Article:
Polls generally close at 7 p.m.
The extended hours were ordered by Melodie Snell Conner, the chief judge of Gwinnett County Superior Court. Her order said that, during times when ExpressPoll machines were not functioning properly at the precincts in question, “voters were provided provisional ballots with a memorandum.”
ExpressPolls are not voting machines, but are used to check voters in, verify their information and load their ballots onto voter cards.
“Advice to voters in the memorandum does not fully comply with [Georgia law] in that it is misleading on whether their vote on the ‘provisional’ paper ballot will automatically count without” the additional validation required for traditional provisional ballots, she wrote.
“This misleading information acted to effectively close the polls to those voters for the time frames presented,” Conner continued.
A specific reason for the much longer hours at Annistown Elementary was not immediately provided. But Gwinnett County spokesman Joe Sorenson previously said that, when the ExpressPoll machine there was malfunctioning, poll officials attempted to resolve the issue instead of issuing paper ballots to voters that were present.
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ORIGINAL STORY: At least one Gwinnett County voting precinct will be open later than usual Tuesday following technical issues that caused long lines and forced voters to resort to paper ballots.
The Annistown Elementary School precinct near Snellville — one of four Gwinnett voting sites that had prolonged issues with the electronic ExpressPoll system — will remain open until 7:25 p.m., officials confirmed.
Polls typically close at 7 p.m. Gwinnett County spokesman Joe Sorenson said the extra 25 minutes were added because poll workers did not immediately start issuing paper ballots after they noticed the machine issues.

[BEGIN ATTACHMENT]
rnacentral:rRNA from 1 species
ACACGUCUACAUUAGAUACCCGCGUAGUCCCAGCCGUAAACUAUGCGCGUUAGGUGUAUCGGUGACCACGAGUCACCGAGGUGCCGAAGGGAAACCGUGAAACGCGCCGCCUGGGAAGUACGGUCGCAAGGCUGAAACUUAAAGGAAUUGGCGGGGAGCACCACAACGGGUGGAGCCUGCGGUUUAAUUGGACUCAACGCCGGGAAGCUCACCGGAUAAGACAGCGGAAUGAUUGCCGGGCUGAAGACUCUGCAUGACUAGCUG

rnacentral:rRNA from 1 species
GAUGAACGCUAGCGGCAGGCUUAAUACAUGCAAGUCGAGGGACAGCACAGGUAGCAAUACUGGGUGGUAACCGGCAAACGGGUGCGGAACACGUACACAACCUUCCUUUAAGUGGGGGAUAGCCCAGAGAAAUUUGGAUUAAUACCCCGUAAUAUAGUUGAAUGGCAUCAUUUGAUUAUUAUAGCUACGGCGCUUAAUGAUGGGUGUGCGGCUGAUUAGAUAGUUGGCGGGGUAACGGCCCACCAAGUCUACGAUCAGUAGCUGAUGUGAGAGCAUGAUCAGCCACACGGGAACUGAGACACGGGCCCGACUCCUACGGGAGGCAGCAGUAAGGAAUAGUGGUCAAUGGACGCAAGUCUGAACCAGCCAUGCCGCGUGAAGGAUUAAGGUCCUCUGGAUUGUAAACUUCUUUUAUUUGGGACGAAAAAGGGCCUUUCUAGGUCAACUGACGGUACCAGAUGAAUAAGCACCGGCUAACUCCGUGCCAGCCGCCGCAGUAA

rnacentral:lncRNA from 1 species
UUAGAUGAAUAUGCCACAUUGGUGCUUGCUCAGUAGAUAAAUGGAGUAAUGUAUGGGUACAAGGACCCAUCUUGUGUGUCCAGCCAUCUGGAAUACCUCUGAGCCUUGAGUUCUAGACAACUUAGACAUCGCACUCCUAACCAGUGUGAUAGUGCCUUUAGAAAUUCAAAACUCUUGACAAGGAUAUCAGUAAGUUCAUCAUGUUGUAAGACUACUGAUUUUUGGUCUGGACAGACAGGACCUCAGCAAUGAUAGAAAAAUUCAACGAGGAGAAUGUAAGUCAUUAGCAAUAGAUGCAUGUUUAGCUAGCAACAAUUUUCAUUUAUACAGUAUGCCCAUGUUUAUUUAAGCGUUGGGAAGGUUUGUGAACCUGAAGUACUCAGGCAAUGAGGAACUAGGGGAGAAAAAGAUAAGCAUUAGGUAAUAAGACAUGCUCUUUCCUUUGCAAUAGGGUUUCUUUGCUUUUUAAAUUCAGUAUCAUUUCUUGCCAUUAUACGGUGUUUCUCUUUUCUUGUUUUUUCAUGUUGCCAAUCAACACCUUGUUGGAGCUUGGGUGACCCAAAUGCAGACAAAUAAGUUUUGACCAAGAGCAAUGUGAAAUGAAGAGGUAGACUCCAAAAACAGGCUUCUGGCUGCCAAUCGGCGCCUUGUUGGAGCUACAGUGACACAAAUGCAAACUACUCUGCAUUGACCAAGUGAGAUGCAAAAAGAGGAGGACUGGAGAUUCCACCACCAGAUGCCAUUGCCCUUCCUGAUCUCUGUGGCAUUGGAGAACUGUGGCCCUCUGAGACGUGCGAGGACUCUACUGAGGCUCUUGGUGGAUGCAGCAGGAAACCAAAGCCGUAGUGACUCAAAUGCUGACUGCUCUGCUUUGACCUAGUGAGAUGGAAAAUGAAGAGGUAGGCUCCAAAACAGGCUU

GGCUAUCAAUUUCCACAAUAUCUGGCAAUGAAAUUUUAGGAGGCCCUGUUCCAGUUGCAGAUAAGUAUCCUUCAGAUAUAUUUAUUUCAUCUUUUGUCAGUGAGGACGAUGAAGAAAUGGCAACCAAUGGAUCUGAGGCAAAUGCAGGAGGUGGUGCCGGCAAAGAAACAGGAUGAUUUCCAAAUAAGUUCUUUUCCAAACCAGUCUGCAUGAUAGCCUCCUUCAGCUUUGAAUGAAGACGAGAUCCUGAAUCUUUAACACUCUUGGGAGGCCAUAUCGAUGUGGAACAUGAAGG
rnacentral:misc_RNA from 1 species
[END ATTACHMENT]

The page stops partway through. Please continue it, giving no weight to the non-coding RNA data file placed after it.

They spent that time trying to resolve the technical issue, Sorenson said.
Issues with ExpressPoll, which checks voters in to their precincts, were also reported at the Gwinnett Public Library Branch in Suwanee, Mt. Vernon Baptist Church near Lawrenceville and at Harbins Elementary near Dacula.
Sorenson said he did not have specific information about the issues, what they were or what caused them.
Without ExpressPoll, poll workers are able to use paper voter rolls and voters are able to cast paper ballots. Those ballots, which are akin to standardized testing forms, are later scanned by machines, not by people.
Sorenson said it is the same technology the county utilizes for provisional and absentee ballots.
But at the Annistown Elementary precinct, some voters remained skeptical.
Cheryl Strickland told The Atlanta Jourrnal Constitution she arrived at 6:15 a.m. — 45 minutes before polls opened — she would stay put at until she could vote on a machine.
Tabitha Fudge was waiting too, saying she didn’t trust that paper ballots would be counted properly.
In a contentious — and litigious — election season across the state, Gwinnett County has faced extra scrutiny. It was singled out in voting rights lawsuits due to its rejection of an inordinate amount of absentee ballots.
Gwinnett — long a Republican stronghold but rapidly shifting left — is expected to be a battleground in races that will determine everything from the governor’s mansion to local commission seats.
At least one voting site had non-technical issues Tuesday.
Sorenson confirmed that power cords were not packed for the ExpressPoll machine at Anderson-Livsey Elementary School. The machine ran on battery for about 45 minutes before dying.
Poll workers issued paper ballots for about 15 minutes before power cords were found and the machine was back up and running, Sorenson said.
Nevertheless, hundreds of waiting voters stretched the entire length of the school.
Travon Stanton waited for more than an hour at Anderson-Livsey Elementary. He said it was worth the wait.
“I want to have my voice heard,” Stanton said.
Gwinnett County has 156 voting precincts.